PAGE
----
Pouch machine runs liquid food products

Jack Mans, Plant Operations Editor

January 29, 2014

6 Min Read
Pouch machine runs liquid food products

A new pouch fill/seal machine is opening many doors for Harvest Pak Foods, Ft. Myers, FL. Dedicated to the production of high-quality, processed foods that are sterile for two years or more without requiring refrigeration, Harvest Pak began production in 2005. The company produces a wide range of hot-fill liquid food products under its own brand name and contract packs them for other companies. Products include smoothies, baby foods, flavored water, oatmeal, soups, sauces and cocktail mixes packaged in clear, foil, retortable, boil-in-bag and microwavable structures.

"I've been in the food industry for many years, and it became apparent to me that pouches are where the growth will be for food products," says Harvest Pak founder and president Jeffrey Rinz. "Pouches have numerous advantages over cans and jars and, in many cases, will ultimately replace them." Advantages of pouches over bottles and cans cited by Rinz include the fact that pouches cost less to make and have tremendous savings in freight costs, both empty and filled, and in space requirements. "I can store a million pouches right next to my machine. It would fill my warehouse to store that many cans or bottles," says Rinz. He also says pouches have much less environmental impact. Most importantly, he says, food in pouches tastes better. "All of our products are hot-filled rather than retorted, so they don't have any burned flavor. All in all, there are really no negatives about pouches; everything is positive," he concludes.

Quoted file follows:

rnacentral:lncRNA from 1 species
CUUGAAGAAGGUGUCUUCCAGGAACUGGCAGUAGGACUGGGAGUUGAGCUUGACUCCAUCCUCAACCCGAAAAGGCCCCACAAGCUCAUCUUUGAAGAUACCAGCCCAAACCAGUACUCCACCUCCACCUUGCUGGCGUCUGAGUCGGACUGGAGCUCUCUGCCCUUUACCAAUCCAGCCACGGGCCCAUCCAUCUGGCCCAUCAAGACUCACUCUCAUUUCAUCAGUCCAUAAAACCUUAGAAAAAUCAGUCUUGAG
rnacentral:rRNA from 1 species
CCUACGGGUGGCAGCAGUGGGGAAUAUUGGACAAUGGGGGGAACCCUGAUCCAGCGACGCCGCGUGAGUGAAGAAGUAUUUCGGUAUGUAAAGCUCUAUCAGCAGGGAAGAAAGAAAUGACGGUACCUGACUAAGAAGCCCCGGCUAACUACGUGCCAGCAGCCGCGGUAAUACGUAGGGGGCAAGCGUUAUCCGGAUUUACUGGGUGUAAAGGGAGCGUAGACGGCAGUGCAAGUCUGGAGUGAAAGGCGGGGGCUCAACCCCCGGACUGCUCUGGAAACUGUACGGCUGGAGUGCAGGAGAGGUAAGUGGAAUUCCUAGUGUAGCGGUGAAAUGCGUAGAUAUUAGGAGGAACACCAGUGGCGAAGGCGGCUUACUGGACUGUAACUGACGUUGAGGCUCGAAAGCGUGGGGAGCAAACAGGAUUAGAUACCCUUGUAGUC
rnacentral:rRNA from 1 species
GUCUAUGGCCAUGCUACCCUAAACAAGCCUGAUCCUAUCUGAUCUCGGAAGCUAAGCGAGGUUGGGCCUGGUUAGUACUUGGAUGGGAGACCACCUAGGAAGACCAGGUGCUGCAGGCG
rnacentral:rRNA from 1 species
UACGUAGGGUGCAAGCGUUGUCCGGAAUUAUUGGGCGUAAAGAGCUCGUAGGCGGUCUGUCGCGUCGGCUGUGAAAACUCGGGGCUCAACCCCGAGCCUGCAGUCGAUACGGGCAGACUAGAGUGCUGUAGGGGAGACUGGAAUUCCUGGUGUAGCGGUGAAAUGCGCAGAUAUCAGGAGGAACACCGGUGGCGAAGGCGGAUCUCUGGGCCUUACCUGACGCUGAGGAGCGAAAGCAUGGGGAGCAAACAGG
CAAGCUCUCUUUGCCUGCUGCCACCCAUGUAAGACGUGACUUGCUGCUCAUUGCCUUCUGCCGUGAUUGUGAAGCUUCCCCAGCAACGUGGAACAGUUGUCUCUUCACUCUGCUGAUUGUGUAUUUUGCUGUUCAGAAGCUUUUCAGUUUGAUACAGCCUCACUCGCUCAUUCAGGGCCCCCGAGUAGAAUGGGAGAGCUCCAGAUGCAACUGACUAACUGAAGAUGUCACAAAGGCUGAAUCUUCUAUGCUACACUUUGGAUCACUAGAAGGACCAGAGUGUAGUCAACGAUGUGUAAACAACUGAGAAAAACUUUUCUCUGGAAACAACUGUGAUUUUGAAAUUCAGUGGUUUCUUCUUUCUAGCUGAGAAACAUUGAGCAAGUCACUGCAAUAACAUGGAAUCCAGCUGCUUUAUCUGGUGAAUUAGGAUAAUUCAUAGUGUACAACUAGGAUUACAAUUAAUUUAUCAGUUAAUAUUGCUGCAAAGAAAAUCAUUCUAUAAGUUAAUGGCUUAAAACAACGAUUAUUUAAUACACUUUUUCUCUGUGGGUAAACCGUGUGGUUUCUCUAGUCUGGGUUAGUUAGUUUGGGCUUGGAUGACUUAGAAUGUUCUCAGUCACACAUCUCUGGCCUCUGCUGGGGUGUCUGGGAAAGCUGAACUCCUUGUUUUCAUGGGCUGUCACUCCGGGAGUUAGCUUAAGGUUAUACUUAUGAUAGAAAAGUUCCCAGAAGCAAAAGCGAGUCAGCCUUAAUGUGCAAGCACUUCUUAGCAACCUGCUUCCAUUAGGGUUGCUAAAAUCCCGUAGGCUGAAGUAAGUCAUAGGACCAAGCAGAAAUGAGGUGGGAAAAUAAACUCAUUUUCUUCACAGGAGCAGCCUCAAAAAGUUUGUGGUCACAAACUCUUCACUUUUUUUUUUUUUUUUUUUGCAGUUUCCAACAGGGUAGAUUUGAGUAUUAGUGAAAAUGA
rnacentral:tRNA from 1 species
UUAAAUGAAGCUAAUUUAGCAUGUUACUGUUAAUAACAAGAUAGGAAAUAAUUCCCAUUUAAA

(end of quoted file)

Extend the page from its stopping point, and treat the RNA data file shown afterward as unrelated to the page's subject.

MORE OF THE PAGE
In late 2004, Harvest Pak installed a Model TT-9CW pouch filler/sealer from Toyo Jidoki Co., Ltd. (www.tyj.co.jp). Chori America, Inc. (www.choriplg.com) is the exclusive global marketer for Toyo Jidoki pouch packaging machinery. "We had tried another machine, and it didn't work out," says Rinz. "Then I heard about the Toyo Jidoki machine and called Dennis Calamusa to get more information." Calamusa is founder and president of ALLIEDFLEX Technologies, Inc. (www.alliedflex.com), which is a North American sales representative for Chori, and sold Harvest Pak its machine. "Dennis took us to see a Toyo Jidoki machine in operation, and it looked perfect for our needs," says Rinz.

The intermittent-motion, rotary model TT-9CW fill/seal system runs premade standup and pillow-style pouches at speeds up to 100 pouches/min. Available in different material configurations, the multilayer pouches typically are 3 to 5 mils thick and incorporate foil, aluminum oxide or silicon oxide as an oxygen barrier. In some instances, they also incorporate an oxygen scavenger to absorb free oxygen in the pouch.

The pouch machine can accommodate up to a 750-mL fill volume and can run a wide assortment of closures, including caps, spouts, pull rings, laser-scored tearnotches and resealable zippers.

Preformed pouches are delivered to the machine in two boxes sitting side by side, and the machine picks up two pouches simultaneously with grippers on the sides of the pouches. All subsequent operations are also done to two pouches simultaneously while the machine is stopped.